Photo: Jacques Goaz, AFP
'Israel's existence is not negotiable.' Livni
Photo: Jacques Goaz, AFP
Photo: AFP
Tony Blair
Photo: AFP
Livni to U.K.: No intention to punish Palestinians
Israeli foreign minister meets with British Prime Minister Tony Blair, saying that despite firm demands from Hamas Israel determined to prevent humanitarian crisis in territories. Subject of IDF officers traveling abroad also discussed

LONDON - Israeli Foreign Minister Tzipi Livni continued her European tour advocating support in the fight against Hamas. On Thursday she met with British Prime Minister Tony Blair at his residence on 10 Downing Street, in London. Livni made it clear that Israel has no intention to punish the Palestinian population following the Hamas victory, and stressed that the government will work toward preventing a humanitarian crisis in the PA.


Livni discussed her top priority subject, the IDF officers who experience difficulties traveling to London for fear of being arrested. The British response was that they view it as a mutual problem that has to be solved. "I gave this topic top priority, even ahead of the Hamas topic which is not less important", Livni told reporters after her meetings. "The subject surfaced initially when major-general Almog traveled to Britain."


‘Hamas searching for cracks in international community wall’


"The British clarified that the issue is being processed and I asked to expedite the solution since the issue is important for the Israeli citizens. To me it's clear and obvious that European countries, Britain included, should be accessible to an officer who finished his army service. What's left now is to keep 'nagging' them on the matter."


Livni, who described her meeting with Blair as practical and focused when it came to exchanging messages, told the British PM that the international community has to treat Hamas decisively. She also added that change in the Palestinian positions could only be achieved by strictly insisting on the prerequisite conditions that the international community set forth.


"I made it clear how the international community should act (following the Hamas victory), and stressed that we expect the community to stand behind the rules it established" said Livni. "The Hamas is searching for cracks in the international community wall; as far as we're concerned, Israel's existence is not negotiable".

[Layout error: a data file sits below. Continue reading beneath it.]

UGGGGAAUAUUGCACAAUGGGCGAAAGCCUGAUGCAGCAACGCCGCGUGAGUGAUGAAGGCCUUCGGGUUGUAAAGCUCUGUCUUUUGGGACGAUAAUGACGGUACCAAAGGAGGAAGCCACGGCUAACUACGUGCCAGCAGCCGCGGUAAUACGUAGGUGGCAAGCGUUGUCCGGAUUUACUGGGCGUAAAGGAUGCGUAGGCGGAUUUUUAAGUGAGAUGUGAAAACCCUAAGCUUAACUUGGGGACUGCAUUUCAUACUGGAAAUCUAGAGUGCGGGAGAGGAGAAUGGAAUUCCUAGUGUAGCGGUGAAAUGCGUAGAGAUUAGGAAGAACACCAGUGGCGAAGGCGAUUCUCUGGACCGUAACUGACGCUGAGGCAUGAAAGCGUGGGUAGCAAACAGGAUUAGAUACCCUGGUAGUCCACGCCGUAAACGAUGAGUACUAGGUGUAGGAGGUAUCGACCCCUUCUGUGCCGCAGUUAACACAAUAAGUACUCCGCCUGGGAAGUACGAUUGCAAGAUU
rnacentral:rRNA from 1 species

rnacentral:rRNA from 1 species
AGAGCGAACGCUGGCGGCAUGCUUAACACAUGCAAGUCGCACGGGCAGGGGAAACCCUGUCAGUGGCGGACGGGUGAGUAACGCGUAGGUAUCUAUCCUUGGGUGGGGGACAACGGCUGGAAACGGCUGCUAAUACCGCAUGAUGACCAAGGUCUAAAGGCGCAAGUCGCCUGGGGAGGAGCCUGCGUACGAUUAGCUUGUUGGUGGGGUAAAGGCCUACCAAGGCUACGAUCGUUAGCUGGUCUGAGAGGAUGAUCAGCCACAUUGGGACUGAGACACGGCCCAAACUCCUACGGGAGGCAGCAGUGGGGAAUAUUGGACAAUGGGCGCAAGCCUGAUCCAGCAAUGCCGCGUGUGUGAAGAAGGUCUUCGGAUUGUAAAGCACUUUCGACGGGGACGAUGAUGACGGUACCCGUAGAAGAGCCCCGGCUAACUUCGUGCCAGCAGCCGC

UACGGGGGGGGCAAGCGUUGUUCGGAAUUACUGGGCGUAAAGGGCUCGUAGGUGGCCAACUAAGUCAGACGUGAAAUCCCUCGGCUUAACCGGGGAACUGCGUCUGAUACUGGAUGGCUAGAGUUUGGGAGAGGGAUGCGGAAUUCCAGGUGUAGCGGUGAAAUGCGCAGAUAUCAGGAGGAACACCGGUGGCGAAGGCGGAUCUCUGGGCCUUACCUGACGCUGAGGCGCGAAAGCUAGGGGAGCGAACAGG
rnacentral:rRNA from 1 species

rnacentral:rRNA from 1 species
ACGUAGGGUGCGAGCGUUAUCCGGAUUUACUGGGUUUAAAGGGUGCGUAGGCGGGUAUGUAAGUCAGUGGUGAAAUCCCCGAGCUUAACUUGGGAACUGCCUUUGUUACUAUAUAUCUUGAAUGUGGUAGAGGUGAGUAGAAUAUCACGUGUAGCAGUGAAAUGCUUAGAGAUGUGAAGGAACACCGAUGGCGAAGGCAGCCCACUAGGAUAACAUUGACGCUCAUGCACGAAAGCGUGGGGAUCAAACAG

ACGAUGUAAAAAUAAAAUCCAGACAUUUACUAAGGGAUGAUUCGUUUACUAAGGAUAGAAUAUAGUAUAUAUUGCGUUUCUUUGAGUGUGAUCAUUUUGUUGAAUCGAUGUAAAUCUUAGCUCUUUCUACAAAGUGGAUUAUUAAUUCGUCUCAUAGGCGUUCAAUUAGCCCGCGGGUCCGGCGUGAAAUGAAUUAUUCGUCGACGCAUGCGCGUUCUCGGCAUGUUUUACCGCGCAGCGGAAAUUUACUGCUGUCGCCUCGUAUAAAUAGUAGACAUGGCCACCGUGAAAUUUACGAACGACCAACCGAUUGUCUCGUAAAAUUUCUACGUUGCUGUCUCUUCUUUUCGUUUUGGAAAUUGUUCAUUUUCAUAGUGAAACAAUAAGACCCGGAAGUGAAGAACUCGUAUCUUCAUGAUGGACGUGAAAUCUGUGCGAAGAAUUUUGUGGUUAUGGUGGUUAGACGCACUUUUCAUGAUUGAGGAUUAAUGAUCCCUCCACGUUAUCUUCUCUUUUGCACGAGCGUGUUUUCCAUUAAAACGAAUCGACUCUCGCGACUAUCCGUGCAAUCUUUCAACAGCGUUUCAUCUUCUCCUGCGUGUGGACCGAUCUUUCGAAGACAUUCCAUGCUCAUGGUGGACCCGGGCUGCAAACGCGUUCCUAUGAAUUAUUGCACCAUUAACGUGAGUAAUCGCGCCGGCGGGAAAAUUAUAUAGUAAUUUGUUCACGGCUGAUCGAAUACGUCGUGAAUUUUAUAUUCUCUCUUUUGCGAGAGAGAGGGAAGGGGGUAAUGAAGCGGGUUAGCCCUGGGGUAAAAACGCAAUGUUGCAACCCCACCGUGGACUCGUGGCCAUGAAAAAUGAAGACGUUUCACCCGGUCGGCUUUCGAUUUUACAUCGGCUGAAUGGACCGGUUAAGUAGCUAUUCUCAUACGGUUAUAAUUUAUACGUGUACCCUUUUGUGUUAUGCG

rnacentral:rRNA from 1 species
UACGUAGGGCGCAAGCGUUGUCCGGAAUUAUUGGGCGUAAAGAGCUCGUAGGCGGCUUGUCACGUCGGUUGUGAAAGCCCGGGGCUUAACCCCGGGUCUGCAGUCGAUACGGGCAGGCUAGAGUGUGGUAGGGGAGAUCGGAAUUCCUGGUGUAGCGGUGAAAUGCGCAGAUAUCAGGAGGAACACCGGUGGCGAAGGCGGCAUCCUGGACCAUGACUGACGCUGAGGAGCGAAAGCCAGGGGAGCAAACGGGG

‘Israel always valued its friendship with Britain’


These are difficult times for our region. Israel and the international community have to face new threats and challenges," added Livni in a press conference after the meeting. "Those include extreme Islamic organizations, leader like Iranian President (Mahmoud Ahmadinejad), and the rise to power of Hamas in the PA.


“I believe that there is a link between what we witness now at the PA and Iran and the Hizbullah in Lebanon and other places – all those threats concern not only Israel but the entire international community."


"In my view, the international community's voice is extremely significant and the message that this community – and of course, Britain – will deliver to those terror organizations is crucial. After the elections at the PA, Hamas must understand that if it seeks legitimacy, it must change."


"Israel is not looking to punish the Palestinian people", affirmed the foreign minister. "That is the reason we're trying to work in union
with the international community to send a clear message to the Palestinian leadership – to Hamas, as well as to PA Chairman Mahmoud Abbas – to take responsibility, that Hamas has to alter its ways and that they have to accept the conditions of the international community before forming a new government. On the other hand, we believe that we need to find a way to prevent a humanitarian crisis in the Palestinian Authority.


“Israel always valued its friendship with Britain. We share the same principles, the same interests, and in my opinion, we also share the same path – the right path – in order to deal with those challenges."


Livni, who was asked about anti-Semitism, said that "anti-Semitism isn't the problem of Israel and the Jewish people only; I said that in France too. It's the problem of the society where it peaks its head out. Anti-Semitism is not a problem of one minority or another, or one country or another, it's a problem that every society and every leadership that respects itself and its values should treat. Every Jew has a right to live anywhere and it's the authorities' responsibility to provide him/her safety." 


Ronny Sofer contributed to the report


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